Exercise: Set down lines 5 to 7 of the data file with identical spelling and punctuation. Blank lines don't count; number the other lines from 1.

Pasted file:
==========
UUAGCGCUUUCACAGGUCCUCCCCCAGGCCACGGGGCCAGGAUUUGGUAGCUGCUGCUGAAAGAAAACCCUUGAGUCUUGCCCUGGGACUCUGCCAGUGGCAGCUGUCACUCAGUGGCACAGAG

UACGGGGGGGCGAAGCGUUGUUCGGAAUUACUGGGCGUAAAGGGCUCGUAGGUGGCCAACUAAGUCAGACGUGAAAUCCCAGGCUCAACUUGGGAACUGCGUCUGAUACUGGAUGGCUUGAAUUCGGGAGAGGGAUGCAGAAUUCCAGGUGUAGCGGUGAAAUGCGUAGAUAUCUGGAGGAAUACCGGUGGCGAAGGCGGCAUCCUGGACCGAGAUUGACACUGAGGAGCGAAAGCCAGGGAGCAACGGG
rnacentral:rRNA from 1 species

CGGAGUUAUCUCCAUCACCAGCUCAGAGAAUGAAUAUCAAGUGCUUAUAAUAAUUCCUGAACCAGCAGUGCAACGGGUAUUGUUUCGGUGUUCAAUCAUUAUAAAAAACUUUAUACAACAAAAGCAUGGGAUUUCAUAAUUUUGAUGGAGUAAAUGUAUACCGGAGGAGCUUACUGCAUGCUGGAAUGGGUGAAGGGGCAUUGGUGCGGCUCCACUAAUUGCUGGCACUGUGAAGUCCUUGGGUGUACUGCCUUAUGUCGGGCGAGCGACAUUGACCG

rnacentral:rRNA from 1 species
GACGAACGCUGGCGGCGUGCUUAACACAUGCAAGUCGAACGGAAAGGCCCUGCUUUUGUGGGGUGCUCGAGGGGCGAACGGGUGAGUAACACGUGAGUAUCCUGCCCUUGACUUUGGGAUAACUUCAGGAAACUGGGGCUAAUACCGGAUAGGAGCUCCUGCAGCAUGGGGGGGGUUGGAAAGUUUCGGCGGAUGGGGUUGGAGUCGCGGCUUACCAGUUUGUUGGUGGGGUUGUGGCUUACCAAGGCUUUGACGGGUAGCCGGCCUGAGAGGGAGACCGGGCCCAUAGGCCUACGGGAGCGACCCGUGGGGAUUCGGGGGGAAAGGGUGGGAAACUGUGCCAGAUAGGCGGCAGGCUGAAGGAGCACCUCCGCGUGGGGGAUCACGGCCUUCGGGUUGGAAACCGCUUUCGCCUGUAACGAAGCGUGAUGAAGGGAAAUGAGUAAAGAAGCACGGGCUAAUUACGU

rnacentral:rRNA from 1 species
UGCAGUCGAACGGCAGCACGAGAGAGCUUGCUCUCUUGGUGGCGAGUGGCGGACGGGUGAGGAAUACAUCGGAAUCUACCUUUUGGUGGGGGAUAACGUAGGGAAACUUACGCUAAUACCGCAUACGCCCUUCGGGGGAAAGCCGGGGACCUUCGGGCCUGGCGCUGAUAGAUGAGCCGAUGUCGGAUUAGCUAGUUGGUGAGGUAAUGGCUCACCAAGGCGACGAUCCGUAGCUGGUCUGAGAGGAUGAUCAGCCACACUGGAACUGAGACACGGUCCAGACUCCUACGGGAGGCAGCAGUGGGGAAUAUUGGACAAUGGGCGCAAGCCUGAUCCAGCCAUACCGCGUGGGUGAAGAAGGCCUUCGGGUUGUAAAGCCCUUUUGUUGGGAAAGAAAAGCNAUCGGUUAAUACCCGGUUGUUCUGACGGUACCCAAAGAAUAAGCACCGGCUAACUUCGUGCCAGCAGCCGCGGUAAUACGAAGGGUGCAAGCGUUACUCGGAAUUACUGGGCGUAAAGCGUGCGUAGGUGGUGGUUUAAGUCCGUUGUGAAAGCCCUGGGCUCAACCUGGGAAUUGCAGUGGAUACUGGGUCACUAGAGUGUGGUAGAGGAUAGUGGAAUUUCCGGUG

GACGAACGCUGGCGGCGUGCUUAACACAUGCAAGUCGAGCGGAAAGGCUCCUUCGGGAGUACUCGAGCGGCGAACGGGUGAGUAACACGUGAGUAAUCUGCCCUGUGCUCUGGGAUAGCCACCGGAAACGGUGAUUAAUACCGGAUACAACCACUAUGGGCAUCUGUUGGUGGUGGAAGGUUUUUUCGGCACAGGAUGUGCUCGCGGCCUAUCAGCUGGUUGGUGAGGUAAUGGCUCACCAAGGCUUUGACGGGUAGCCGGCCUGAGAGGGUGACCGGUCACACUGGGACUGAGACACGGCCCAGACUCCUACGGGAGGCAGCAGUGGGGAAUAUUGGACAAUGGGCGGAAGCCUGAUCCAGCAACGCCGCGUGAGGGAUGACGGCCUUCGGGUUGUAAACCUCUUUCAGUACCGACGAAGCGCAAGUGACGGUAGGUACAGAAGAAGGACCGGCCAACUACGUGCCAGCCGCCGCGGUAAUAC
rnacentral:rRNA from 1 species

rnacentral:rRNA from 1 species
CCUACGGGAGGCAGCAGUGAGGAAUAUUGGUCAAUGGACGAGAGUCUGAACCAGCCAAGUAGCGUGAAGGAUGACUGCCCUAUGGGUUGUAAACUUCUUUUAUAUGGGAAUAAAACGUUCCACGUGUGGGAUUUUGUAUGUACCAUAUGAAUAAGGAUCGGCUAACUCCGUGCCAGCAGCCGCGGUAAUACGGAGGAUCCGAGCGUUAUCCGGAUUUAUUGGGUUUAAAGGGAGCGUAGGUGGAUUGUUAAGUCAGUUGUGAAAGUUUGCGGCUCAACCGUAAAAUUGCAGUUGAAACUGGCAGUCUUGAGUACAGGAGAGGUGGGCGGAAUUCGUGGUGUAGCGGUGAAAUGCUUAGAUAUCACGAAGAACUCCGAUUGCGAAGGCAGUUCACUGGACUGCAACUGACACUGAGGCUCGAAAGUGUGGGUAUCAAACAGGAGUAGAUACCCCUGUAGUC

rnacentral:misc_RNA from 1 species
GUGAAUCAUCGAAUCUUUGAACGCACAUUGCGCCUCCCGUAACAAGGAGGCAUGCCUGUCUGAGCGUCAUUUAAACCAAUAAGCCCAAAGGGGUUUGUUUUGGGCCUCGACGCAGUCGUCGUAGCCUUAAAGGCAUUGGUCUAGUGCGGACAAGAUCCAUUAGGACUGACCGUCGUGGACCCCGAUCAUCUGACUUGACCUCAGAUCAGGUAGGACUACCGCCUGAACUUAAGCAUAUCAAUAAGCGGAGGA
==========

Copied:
rnacentral:rRNA from 1 species
GACGAACGCUGGCGGCGUGCUUAACACAUGCAAGUCGAACGGAAAGGCCCUGCUUUUGUGGGGUGCUCGAGGGGCGAACGGGUGAGUAACACGUGAGUAUCCUGCCCUUGACUUUGGGAUAACUUCAGGAAACUGGGGCUAAUACCGGAUAGGAGCUCCUGCAGCAUGGGGGGGGUUGGAAAGUUUCGGCGGAUGGGGUUGGAGUCGCGGCUUACCAGUUUGUUGGUGGGGUUGUGGCUUACCAAGGCUUUGACGGGUAGCCGGCCUGAGAGGGAGACCGGGCCCAUAGGCCUACGGGAGCGACCCGUGGGGAUUCGGGGGGAAAGGGUGGGAAACUGUGCCAGAUAGGCGGCAGGCUGAAGGAGCACCUCCGCGUGGGGGAUCACGGCCUUCGGGUUGGAAACCGCUUUCGCCUGUAACGAAGCGUGAUGAAGGGAAAUGAGUAAAGAAGCACGGGCUAAUUACGU

rnacentral:rRNA from 1 species